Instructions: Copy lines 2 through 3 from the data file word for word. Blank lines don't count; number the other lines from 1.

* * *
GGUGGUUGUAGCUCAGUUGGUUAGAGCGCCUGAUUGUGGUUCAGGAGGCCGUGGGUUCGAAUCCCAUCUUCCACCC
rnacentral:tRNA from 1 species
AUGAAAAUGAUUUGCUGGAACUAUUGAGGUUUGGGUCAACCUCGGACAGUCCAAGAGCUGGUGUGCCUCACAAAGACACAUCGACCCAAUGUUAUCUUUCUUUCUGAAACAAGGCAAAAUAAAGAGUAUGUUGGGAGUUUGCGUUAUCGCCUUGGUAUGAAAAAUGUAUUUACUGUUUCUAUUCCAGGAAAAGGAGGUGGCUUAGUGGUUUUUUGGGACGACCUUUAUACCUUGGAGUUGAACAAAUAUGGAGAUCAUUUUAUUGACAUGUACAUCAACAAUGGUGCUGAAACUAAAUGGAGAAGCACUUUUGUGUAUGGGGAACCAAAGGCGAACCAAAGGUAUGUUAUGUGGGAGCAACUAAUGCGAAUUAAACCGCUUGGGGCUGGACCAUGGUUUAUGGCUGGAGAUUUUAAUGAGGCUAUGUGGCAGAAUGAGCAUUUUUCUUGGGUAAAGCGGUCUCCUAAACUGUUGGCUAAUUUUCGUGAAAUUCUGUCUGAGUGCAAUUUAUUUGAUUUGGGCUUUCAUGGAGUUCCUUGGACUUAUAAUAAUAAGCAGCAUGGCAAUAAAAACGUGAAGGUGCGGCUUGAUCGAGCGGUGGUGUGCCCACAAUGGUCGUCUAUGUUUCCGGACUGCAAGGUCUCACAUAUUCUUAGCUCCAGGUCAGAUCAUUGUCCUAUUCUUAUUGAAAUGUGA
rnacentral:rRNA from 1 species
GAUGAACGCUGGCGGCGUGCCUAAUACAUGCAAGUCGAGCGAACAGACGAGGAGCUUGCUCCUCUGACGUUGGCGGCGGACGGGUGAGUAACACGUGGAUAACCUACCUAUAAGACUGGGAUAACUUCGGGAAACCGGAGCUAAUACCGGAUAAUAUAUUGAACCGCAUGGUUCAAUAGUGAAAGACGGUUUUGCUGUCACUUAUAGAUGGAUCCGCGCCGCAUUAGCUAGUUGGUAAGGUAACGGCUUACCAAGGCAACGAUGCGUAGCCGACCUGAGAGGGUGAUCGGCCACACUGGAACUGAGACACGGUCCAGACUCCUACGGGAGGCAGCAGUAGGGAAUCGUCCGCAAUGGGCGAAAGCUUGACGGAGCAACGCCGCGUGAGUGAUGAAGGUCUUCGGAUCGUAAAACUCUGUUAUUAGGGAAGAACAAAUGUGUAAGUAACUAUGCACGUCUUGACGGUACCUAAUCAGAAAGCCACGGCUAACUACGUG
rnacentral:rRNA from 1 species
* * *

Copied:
rnacentral:tRNA from 1 species
AUGAAAAUGAUUUGCUGGAACUAUUGAGGUUUGGGUCAACCUCGGACAGUCCAAGAGCUGGUGUGCCUCACAAAGACACAUCGACCCAAUGUUAUCUUUCUUUCUGAAACAAGGCAAAAUAAAGAGUAUGUUGGGAGUUUGCGUUAUCGCCUUGGUAUGAAAAAUGUAUUUACUGUUUCUAUUCCAGGAAAAGGAGGUGGCUUAGUGGUUUUUUGGGACGACCUUUAUACCUUGGAGUUGAACAAAUAUGGAGAUCAUUUUAUUGACAUGUACAUCAACAAUGGUGCUGAAACUAAAUGGAGAAGCACUUUUGUGUAUGGGGAACCAAAGGCGAACCAAAGGUAUGUUAUGUGGGAGCAACUAAUGCGAAUUAAACCGCUUGGGGCUGGACCAUGGUUUAUGGCUGGAGAUUUUAAUGAGGCUAUGUGGCAGAAUGAGCAUUUUUCUUGGGUAAAGCGGUCUCCUAAACUGUUGGCUAAUUUUCGUGAAAUUCUGUCUGAGUGCAAUUUAUUUGAUUUGGGCUUUCAUGGAGUUCCUUGGACUUAUAAUAAUAAGCAGCAUGGCAAUAAAAACGUGAAGGUGCGGCUUGAUCGAGCGGUGGUGUGCCCACAAUGGUCGUCUAUGUUUCCGGACUGCAAGGUCUCACAUAUUCUUAGCUCCAGGUCAGAUCAUUGUCCUAUUCUUAUUGAAAUGUGA